5 Important Issues to Address in Your Partnership Agreements

When starting a business with a partner, it can be tempting to just take things a day at a time without any formal agreements. In most cases, this will go quite smoothly for a little while. At some point, however, disagreements or situations will arise that can’t be ignored. This is when having a partnership agreement in place can save you a lot of trouble. From the very start of a new partnership, an agreement should be put in place. If you’ve already been working together for a while without one, creating a partnership agreement as soon as possible is advisable.

Each agreement will be unique, but they should all cover some specific issues. The following five topics should be addressed, along with any other situations that one or multiple partners is concerned about:

Financial Obligations

When running a business, there will typically be certain financial obligations that need to be met. This could be up-front capital to buy supplies, to buy real estate, to pay rent on a property, or any number of other things. When it is necessary to have money added to the business, this part of the agreement will address how it is to be done. Who will put up the money, how it will be  determined if/when money is needed, how the money will be repaid, and many other questions should be covered in this section of the agreement.

Division of Work

Running a business is a lot of work, and one of the biggest conflicts that can occur is having one partner taking on a disproportionate  amount of the work. By deciding ahead of time who is responsible for what work, conflicts can be avoided. This part of a business agreement can even lay out steps to take in the event that there is a disagreement on how much work is being done by a partner, or how the work is being done.

Income (Division of Profits)

The goal of every business is to make money for the owners. Deciding how the profits of a business should be distributed is critical. Will each partner take a weekly paycheck of the same amount? Does one partner get more? Are the profits (or at least a portion of them) reinvested into growing the business? There are many questions that need to be answered about the division of profits within a partnership agreement.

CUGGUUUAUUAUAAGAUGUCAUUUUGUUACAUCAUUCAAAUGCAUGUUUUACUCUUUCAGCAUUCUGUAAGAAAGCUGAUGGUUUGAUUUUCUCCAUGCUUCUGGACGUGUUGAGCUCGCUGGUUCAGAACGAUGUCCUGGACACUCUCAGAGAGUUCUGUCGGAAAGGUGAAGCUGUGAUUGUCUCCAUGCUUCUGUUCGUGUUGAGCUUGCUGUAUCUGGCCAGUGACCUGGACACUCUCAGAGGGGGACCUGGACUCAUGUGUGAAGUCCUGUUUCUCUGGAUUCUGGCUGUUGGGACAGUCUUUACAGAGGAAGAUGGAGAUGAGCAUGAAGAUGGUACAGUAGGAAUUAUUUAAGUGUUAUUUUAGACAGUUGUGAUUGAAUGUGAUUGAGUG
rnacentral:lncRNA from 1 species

Death or Incapacitation of a Partner

In the event that one of the partners dies or becomes incapacitated, what should happen? While most people would agree that the business would continue to run and help support that partner (or their loved ones), this isn’t always possible. The business partners should look at the situation objectively and decide what can be done. Will the ownership of the partner who has passed away transfer to their spouse? Will it be transferred to the remaining partner(s) with some type of compensation going to the spouse? Taking the time to think about these issues will help to avoid difficult problems from coming up during an already difficult time.

Options for Exiting the Partnership

Whether it is a year down the road, or decades, eventually one of the partners is going to want to exit the partnership. This could be for retirement, or just because they are ready to move on to new opportunities. When one partner leaves, it can be devastating to the business if it isn’t handled properly, which is why it is so important to have it covered in the partnership agreement.

We’re Here to Help

If you need a partnership agreement written up for your business, or you would like an existing agreement modified, please don’t hesitate to contact Trembly Law Firm. We will be happy to take the time necessary to have an agreement created or updated so that it addresses all necessary situations, and provides excellent protections to the partners as well as the business.

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Written by Brett Trembly

Brett Trembly

In the South Florida legal community, Brett sits on the Board of the South Miami Kendall Bar Association, the Florida Bar 11th Circuit Grievance Committee, volunteers on the Florida Bar Young Lawyers Division Mentoring Program, the Dade-County Bar Associations Rainmakers Committee, and annually volunteers for Miami-Dade County’s Ethical Governance Day.